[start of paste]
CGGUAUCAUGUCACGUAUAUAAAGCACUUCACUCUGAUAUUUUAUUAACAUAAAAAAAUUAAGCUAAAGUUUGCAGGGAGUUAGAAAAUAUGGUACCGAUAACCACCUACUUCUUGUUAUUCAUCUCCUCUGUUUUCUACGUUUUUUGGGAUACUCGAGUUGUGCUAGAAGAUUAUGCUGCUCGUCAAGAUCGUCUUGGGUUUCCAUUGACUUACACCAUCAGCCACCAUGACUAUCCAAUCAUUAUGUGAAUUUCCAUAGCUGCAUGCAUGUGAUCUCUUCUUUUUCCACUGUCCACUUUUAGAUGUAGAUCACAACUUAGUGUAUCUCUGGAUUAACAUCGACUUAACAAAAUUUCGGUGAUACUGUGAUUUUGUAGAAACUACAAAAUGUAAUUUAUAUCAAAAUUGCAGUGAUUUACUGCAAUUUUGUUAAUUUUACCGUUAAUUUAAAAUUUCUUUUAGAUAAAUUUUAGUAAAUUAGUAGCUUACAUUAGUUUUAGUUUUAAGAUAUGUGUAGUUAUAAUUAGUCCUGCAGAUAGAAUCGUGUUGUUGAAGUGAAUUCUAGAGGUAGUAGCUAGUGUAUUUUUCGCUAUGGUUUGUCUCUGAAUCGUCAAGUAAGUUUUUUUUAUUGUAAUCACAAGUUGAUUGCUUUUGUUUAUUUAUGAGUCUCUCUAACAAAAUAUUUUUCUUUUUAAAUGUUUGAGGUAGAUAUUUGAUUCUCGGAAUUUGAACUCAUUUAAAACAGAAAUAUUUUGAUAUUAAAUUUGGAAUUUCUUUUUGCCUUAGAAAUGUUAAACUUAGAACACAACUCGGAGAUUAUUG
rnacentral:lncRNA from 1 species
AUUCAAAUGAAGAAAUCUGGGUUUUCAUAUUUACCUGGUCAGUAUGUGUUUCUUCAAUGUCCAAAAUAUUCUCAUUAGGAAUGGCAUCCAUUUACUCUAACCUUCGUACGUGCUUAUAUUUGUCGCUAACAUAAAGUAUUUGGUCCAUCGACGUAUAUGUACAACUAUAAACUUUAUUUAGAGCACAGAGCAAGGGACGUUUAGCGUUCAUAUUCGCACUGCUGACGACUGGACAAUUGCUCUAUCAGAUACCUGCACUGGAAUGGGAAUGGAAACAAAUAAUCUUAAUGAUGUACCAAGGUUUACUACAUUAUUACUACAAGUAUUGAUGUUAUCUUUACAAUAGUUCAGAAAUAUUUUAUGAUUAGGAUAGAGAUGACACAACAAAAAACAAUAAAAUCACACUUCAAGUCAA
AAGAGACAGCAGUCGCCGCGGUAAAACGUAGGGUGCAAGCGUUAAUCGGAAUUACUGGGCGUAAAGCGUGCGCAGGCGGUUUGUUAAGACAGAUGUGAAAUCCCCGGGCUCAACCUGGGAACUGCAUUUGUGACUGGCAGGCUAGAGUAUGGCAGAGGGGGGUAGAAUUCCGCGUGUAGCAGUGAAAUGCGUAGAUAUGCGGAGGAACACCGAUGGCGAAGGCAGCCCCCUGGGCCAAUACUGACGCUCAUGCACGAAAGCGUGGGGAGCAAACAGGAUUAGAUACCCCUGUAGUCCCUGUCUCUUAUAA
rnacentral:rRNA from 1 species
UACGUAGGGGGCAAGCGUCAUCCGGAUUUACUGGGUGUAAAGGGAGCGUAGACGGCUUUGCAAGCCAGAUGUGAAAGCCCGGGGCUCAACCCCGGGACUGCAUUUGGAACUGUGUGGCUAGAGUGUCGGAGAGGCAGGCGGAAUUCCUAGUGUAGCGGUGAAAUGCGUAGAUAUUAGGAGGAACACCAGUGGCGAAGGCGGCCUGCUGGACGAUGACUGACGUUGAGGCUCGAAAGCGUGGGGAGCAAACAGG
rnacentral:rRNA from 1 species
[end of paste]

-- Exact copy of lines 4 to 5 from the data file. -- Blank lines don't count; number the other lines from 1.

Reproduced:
AAGAGACAGCAGUCGCCGCGGUAAAACGUAGGGUGCAAGCGUUAAUCGGAAUUACUGGGCGUAAAGCGUGCGCAGGCGGUUUGUUAAGACAGAUGUGAAAUCCCCGGGCUCAACCUGGGAACUGCAUUUGUGACUGGCAGGCUAGAGUAUGGCAGAGGGGGGUAGAAUUCCGCGUGUAGCAGUGAAAUGCGUAGAUAUGCGGAGGAACACCGAUGGCGAAGGCAGCCCCCUGGGCCAAUACUGACGCUCAUGCACGAAAGCGUGGGGAGCAAACAGGAUUAGAUACCCCUGUAGUCCCUGUCUCUUAUAA
rnacentral:rRNA from 1 species